Mixing it Up for an Eclectic Feel

Phoenix Home and Garden Feb 2019 cover

Phoenix Home and Garden Magazine, February 2019

Combining design styles can create an eclectic and elegant look in your home.

By Ben Ikenson

A good rule of thumb in interior design is to choose a favorite style that guides you in making consistent, cohesive choices of individual decorating elements.

If you’re drawn to two disparate styles, such as traditional and contemporary or Southwest and midcentury, however, this approach simply doesn’t apply. But don’t despair—with the help of professional interior designers, you can enlist well-honed strategies to create the perfect mix-and-match look.

“You have to be careful not to end up with a mishmash, and there is a fine line between eclectic and hodgepodge,” explains interior designer and Phoenix Home & Garden Masters of the Southwest award winner Susan Hersker.

“Eclectic is a successful blending of designs, lines, materials and other considerations with a great deal of thought given to the process.” The designer’s rooms frequently include furnishings from different continents, periods and cultures, but commonalities in texture, color and form provide the necessary visual synergies.

Introducing a single, unique item to an existing interior can also take a special touch. Hersker relays an anecdote about a client whose home and furnishings were contemporary.

When the woman inherited a precious heirloom cabinet from her mother—a traditional-style item that was out of sync aesthetically with her sleek interiors—Hersker embraced the piece’s ornateness. Instead of banishing the casegood to a back hallway, she created a custom space for it in the homeowner’s office.

Now set between modern-style built-in cabinets, “it looks like it belongs exactly where it is, as if it was meant to be there all along.”

 

Dining Room by Karen Rapp Interiors - Phoenix Arizona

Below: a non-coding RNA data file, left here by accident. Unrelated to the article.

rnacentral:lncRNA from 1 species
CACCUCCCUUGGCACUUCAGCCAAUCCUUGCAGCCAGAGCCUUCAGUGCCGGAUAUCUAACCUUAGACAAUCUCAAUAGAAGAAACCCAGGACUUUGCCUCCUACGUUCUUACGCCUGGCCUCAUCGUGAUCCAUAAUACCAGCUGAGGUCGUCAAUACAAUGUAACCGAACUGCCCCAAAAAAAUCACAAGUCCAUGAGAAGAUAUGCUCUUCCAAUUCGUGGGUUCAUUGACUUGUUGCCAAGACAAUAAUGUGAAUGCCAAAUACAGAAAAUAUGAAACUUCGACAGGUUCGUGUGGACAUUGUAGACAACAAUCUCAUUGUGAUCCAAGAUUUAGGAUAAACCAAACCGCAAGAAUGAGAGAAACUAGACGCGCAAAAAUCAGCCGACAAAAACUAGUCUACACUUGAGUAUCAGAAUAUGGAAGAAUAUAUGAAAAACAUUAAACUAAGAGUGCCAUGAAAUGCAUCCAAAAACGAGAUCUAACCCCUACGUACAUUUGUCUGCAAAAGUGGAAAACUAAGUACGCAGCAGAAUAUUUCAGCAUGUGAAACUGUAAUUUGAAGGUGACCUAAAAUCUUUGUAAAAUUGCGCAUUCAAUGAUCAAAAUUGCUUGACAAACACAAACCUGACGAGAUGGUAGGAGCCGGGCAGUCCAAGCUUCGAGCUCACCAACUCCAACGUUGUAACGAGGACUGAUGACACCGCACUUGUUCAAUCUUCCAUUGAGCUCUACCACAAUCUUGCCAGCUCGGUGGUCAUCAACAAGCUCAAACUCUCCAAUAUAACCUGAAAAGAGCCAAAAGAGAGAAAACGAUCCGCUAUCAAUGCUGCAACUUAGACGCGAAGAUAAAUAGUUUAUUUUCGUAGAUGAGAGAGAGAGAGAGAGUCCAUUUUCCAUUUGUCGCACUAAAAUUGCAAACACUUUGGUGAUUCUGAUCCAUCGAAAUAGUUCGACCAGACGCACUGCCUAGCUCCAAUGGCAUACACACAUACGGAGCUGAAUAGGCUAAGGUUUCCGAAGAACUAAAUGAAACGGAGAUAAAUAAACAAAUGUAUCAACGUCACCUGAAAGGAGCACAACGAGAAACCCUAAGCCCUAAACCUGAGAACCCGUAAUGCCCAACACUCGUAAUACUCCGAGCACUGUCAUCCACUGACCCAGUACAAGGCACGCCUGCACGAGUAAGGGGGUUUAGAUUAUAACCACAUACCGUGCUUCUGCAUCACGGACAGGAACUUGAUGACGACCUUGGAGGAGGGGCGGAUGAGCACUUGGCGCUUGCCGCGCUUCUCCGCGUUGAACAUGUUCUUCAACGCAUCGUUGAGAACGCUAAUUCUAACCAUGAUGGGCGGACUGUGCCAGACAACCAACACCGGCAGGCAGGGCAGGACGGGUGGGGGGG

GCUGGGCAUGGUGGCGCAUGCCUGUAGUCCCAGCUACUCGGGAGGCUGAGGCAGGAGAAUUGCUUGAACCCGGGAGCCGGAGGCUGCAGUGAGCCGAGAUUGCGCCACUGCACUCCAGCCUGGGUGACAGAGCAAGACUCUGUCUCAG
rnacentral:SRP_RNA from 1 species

A contemporary Moroccan tribal rug anchors this dining room by interior designer Karen Rapp. The serene space seamlessly integrates a traditional table with contemporary chairs, a 400-year-old oil painting above the fireplace and an antique French side table.

Interior designer Karen Rapp, also a Phoenix Home & Garden Masters of the Southwest award winner, shares her primary trade secret for orchestrating cohesion while combining contrasting styles: Focus on scale, proportion and style sensibilities.

For example, she pairs a No. 14 bistro chair designed by Michael Thonet in 1857 with an Eero Saarinen Tulip table created by its namesake Finnish designer in 1957. “The scale and proportions of the chair and the table are the same, so that’s complementary.

Both pieces have curved design elements, and while they’re from different centuries, they have a similar timeless grace and elegance,” says Rapp.

Interior designers often deliberately choose seemingly discordant elements to enhance the personality of a space.

“Mixing styles can add charm as well as change the entire look of a room,” says interior designer Michelle Pierce. To create a hierarchy of styles and keep the ensemble balanced, she follows a 75/25 rule.

She notes, “If 75 percent of your existing furnishings and accessories are one style, say, traditional, you can add in 25 percent of another, such as midcentury, and your space will have a creative vibe but still be cohesive.”

Karen Rapp Interiors eclectic living room
To enhance the large scale of this sitting room dressed with mostly traditional furnishings, Rapp incorporated large pieces of contemporary artwork from the homeowner’s collection. The size of the painting above the sofa table is proportionate to the size of the antique Chinese foo dog collection.